Fiona Apple
 When The Pawn...
(Clean Slate/Epic)
MTV   
Nov '99
by Alexandra Flood

Fiona Apple doesn't do anything half way. Consider the title of her sophomore album: When the Pawn Hits the Conflicts He Thinks Like a King What He Knows Throws the Blows When He Goes to the Fight And He'll Win the Whole Thing 'Fore He Enters the Ring There's No Body to Batter When Your Mind Is Your Might So When You Go Solo, You Hold Your Own Hand and Remember the Depth Is the Greatest of Heights and If You Know Where You Stand, Then You Know Where to Land and If You Fall It Won't Matter, Cuz You'll Know that You're Right. It's a whopper all right, a real doozy of a title that holds nothing back -- and perhaps perfectly fitting for this album from the 98-pound creative heavyweight. 

Apple stunned many of us with her 1996 debut, Tidal, when she was just a tender 19-year-old and musically wise beyond her years. Not that she wasn't green in other areas -- take her cringe-worthy enfant terrible acceptance speech at the MTV Video Music Awards two years ago -- I still shudder at the thought of it. But at the thought of Tidal, I am transfixed. When the Pawn... proves, in case anyone was wondering if Apple was a mere flash in the music biz pan, that her first record was no fluke. Her new music is just as raw and just as smart, without being redundant. 

Fiona seems to have volunteered for the job as the Purveyor of Millennial Emotional Darkness. The first track, the piano fraught, spaced-out "On the Bound" exclaims: "You're all I need!/ Maybe some faith would do me good." "To Your Love," a seismic "Dear John" letter, says, "Please forgive me for my distance/ Pain is evident in my existence/ Please forgive me for my distance/ Shame is manifest to my resistance/To your love."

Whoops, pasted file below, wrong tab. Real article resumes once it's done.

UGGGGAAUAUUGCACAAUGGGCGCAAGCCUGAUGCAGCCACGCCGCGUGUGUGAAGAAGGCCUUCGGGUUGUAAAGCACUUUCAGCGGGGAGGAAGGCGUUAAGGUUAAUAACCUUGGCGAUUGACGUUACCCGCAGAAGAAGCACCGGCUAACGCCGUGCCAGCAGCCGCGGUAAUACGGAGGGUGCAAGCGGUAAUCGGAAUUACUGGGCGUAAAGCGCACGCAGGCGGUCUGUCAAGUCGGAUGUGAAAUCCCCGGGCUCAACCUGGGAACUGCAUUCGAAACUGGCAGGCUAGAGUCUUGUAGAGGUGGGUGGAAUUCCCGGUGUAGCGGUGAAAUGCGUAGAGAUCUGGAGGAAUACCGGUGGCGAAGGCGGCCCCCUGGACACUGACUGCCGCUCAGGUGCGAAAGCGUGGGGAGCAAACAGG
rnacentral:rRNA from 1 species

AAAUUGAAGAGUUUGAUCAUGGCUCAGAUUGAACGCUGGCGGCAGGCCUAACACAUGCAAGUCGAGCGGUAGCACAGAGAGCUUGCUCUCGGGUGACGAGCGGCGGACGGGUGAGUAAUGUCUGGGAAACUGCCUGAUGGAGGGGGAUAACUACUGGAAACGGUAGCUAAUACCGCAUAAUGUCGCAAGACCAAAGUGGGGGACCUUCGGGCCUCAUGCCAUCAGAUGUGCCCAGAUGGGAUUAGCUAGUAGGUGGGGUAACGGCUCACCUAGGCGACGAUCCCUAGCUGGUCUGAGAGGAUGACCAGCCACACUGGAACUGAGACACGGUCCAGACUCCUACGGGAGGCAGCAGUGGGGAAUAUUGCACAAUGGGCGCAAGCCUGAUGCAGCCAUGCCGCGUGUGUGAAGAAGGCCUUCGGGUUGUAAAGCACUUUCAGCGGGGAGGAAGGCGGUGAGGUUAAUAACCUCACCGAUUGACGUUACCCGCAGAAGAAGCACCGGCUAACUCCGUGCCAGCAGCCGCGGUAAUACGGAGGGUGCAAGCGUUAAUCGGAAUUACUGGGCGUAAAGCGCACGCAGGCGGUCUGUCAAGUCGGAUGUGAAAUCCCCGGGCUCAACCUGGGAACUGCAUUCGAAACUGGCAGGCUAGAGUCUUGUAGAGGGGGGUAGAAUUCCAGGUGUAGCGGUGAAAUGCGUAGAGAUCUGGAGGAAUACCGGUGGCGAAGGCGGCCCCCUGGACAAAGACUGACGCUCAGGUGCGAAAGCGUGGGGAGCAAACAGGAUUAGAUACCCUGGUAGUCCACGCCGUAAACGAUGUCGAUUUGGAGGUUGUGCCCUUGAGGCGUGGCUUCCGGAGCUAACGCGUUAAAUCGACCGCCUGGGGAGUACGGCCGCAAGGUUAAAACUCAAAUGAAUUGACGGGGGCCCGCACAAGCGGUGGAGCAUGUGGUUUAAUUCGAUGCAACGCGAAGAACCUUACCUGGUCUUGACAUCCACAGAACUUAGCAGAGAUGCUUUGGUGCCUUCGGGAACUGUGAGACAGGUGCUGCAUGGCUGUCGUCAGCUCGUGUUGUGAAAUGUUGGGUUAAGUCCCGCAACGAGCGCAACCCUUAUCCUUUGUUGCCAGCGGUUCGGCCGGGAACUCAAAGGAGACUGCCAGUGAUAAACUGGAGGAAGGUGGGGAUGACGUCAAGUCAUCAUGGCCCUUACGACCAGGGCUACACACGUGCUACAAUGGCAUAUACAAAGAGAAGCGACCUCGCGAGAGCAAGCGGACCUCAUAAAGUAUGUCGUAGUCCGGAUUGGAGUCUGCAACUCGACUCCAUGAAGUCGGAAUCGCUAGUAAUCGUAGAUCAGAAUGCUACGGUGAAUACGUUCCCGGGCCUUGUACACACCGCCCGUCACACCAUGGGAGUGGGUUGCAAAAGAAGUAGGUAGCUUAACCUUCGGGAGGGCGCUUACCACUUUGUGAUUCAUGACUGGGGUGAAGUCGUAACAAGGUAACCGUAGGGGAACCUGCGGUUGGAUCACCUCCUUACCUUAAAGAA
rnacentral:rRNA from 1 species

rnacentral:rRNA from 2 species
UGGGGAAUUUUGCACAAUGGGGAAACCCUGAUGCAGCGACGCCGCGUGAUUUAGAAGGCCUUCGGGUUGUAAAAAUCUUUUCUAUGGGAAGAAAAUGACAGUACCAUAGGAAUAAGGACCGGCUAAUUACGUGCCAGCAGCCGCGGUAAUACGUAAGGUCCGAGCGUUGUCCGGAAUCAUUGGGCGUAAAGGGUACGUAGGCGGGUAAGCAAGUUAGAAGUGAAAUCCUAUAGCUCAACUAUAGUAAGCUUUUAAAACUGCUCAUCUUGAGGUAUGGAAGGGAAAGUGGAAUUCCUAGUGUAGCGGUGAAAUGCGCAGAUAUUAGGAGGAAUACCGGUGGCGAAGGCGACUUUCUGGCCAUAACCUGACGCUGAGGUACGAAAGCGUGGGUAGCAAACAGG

"Limp" isn't limp at all, but a fierce kiss-off in the form of a musical geyser: "It won't be long now until you'll be lying limp in your own hands." "Love Ridden" as you might expect, isn't a happy love song, but it's one of the musically more straightforward on the LP -- Fiona at the piano crooning about a bastard, with orchestral strings backing her up. "Paper Bag" is one of the more curious of the ten tracks. It's surprising as it's a little plucky bit of Beatles-esque sunshine, until you listen to Apple's words: "I went crazy again today/ Looking for a strand to climb/Looking for a little hope." The single, "Fast As You Can," is a frenetic, percussion laden, pass-at-your-own-risk warning to a prospective lover. 


When the Pawn... isn't a particularly happy album, but Fiona does dark so well, it makes you want to pray for rain so you can hole up to write in your journal about your own bastards. Listening to one of the best albums of the year ought to inspire you.